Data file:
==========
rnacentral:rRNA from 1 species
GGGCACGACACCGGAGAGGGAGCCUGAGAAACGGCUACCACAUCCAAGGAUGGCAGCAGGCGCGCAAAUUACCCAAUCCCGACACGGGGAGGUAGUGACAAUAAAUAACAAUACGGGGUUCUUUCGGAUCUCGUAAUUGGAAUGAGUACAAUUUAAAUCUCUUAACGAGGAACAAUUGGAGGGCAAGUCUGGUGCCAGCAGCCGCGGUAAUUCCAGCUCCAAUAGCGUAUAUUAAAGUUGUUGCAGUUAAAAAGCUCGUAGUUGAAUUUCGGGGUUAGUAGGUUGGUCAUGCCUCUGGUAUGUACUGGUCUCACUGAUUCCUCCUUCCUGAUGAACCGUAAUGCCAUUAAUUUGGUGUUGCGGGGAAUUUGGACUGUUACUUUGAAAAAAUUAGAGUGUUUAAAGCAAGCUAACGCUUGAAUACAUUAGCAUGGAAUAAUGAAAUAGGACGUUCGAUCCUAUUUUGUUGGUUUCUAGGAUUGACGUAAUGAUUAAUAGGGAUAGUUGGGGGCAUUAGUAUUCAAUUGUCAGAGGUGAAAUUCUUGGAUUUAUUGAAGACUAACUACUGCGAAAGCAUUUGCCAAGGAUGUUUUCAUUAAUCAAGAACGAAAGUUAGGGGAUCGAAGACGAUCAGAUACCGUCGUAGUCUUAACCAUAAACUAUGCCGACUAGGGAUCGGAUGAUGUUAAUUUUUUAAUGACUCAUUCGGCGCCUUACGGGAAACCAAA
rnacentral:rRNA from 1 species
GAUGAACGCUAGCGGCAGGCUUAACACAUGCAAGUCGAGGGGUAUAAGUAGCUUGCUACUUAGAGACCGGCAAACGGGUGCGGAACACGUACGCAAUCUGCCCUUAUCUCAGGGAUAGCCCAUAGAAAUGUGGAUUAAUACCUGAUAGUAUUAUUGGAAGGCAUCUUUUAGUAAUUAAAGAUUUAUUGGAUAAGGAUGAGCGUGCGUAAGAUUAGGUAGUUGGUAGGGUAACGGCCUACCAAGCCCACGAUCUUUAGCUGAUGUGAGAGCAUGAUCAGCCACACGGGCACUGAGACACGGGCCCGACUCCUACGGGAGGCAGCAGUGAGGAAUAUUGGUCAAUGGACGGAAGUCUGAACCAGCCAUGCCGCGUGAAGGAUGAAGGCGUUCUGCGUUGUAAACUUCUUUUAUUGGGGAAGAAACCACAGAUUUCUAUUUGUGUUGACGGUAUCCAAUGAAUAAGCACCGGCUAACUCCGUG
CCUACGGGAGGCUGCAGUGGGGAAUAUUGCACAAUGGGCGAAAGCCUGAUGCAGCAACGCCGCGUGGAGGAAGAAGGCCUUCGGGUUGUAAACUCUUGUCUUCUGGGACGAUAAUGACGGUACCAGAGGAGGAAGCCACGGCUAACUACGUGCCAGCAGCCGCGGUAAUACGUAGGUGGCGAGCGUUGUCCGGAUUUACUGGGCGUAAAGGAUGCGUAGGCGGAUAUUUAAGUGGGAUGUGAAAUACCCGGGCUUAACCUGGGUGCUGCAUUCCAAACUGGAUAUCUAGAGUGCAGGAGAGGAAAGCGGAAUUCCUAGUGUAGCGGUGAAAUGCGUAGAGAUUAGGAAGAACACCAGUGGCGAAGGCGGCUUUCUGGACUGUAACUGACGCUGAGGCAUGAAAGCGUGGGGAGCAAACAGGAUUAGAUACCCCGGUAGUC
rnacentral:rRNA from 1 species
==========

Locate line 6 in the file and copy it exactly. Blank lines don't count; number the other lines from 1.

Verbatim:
rnacentral:rRNA from 1 species